During development, precise control of gene expression allows the reproducible establishment of patterns, leading to the formation of organs at the right time and place. What are the mechanisms behind such precision?
The establishment of developmental patterns has been primarily studied at the transcriptional level. In comparison, the fate of these transcripts received little attention. Development of new methods enabling the study of translation of single mRNA molecules revealed a critical heterogeneity in translation. Our lab pioneered the deployment of such methods in Drosophila embryos, leading to the discovery of translation factories and unmasking intragenic translation heterogeneity, demonstrating a novel layer of variation in gene expression. Thus, to decipher the mechanisms dictating precision in gene expression, it is essential to simultaneously consider both layers of regulation constituted by transcription and translation as well as their potential coupling.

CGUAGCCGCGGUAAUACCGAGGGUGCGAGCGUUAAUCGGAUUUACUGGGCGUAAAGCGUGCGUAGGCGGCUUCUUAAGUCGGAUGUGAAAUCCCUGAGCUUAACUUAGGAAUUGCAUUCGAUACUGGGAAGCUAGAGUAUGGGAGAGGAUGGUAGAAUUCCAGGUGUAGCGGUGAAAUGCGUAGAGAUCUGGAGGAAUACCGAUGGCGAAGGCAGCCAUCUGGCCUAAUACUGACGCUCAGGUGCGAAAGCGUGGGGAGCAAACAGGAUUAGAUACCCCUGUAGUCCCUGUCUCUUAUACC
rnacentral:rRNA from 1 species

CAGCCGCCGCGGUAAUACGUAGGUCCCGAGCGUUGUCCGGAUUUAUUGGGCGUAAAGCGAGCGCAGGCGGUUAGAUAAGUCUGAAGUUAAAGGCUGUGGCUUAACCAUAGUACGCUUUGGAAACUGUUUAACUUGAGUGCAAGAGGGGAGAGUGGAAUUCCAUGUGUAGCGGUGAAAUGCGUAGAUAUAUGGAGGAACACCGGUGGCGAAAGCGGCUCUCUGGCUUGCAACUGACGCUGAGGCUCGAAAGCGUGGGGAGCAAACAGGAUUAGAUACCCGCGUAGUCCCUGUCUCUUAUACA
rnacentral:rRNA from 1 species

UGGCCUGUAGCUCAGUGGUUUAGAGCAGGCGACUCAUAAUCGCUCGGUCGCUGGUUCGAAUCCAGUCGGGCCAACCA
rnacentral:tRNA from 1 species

We propose to bridge the gap between these two pillars of the central dogma to obtain an integrated multiscale view of gene expression control. We use quantitative imaging methods to simultaneously monitor mRNA and protein in living Drosophila embryos with unprecedented spatio-temporal resolution, combined with theoretical models to formulate predictions that will be tested by genetic/optogenetic manipulations.